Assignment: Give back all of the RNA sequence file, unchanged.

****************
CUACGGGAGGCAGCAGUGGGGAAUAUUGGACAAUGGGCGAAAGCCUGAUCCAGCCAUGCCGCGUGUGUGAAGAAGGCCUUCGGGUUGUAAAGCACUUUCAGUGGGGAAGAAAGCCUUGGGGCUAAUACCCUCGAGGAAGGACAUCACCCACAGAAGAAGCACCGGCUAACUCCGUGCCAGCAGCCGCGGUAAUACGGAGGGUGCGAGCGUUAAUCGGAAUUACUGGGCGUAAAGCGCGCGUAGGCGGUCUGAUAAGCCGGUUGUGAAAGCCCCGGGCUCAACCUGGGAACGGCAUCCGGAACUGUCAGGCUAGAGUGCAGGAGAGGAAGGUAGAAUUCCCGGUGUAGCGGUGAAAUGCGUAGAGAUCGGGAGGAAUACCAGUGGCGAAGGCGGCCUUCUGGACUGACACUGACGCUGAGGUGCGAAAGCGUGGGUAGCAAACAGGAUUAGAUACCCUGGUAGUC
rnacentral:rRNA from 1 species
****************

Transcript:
CUACGGGAGGCAGCAGUGGGGAAUAUUGGACAAUGGGCGAAAGCCUGAUCCAGCCAUGCCGCGUGUGUGAAGAAGGCCUUCGGGUUGUAAAGCACUUUCAGUGGGGAAGAAAGCCUUGGGGCUAAUACCCUCGAGGAAGGACAUCACCCACAGAAGAAGCACCGGCUAACUCCGUGCCAGCAGCCGCGGUAAUACGGAGGGUGCGAGCGUUAAUCGGAAUUACUGGGCGUAAAGCGCGCGUAGGCGGUCUGAUAAGCCGGUUGUGAAAGCCCCGGGCUCAACCUGGGAACGGCAUCCGGAACUGUCAGGCUAGAGUGCAGGAGAGGAAGGUAGAAUUCCCGGUGUAGCGGUGAAAUGCGUAGAGAUCGGGAGGAAUACCAGUGGCGAAGGCGGCCUUCUGGACUGACACUGACGCUGAGGUGCGAAAGCGUGGGUAGCAAACAGGAUUAGAUACCCUGGUAGUC
rnacentral:rRNA from 1 species